In the first post in this series, I wrote about photoshopping, and it’s emphasis on deception.
Compositing also attempts to distort reality by layering two or more photos to include elements in the final image that weren’t originally there or to remove elements that were there. Some common examples of this are replacing a dull grey sky with a more colorful one or placing the subject on a more interesting background. Compositing can also be used to expand the dynamic range of a photo, where movement within the photo wouldn’t allow an HDR to be created. I use this when trying to capture a full moon with foreground interest.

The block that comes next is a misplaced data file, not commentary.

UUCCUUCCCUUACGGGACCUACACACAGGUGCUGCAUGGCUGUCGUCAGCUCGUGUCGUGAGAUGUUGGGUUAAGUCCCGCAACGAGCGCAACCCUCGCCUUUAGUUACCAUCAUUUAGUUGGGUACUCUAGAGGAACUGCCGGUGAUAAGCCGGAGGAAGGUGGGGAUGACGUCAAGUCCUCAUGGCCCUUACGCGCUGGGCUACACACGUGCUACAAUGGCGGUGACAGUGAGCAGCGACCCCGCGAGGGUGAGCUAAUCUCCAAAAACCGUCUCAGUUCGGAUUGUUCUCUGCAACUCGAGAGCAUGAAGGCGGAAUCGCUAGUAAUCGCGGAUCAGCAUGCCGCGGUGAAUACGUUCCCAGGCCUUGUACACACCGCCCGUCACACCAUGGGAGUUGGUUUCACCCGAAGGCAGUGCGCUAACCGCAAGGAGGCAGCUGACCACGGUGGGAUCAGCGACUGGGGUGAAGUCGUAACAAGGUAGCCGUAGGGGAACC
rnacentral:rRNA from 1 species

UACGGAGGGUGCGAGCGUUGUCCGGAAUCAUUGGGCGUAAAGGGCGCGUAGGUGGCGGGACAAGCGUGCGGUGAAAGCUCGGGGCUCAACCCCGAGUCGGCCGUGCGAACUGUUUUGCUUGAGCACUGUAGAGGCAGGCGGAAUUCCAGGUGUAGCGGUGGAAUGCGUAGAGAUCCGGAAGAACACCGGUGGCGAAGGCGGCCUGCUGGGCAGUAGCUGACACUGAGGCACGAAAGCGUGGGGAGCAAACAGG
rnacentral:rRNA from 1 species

Designers frequently create composites for advertising. Read more →
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- Shoot “Long Exposure” Waterfalls with Live Photo Mode
- Exposure for a Moon Shot – It’s Not What You Think
- Using Your iPhone in Burst Mode
- Photoshopping, Processing, Compositing– Is There a Difference? Part Four: Photo Processing… Get Ready for Some Serious Fun!
- Photoshopping, Processing, Compositing– Is There a Difference? Part Three: Photo Processing… Where the Art Begins!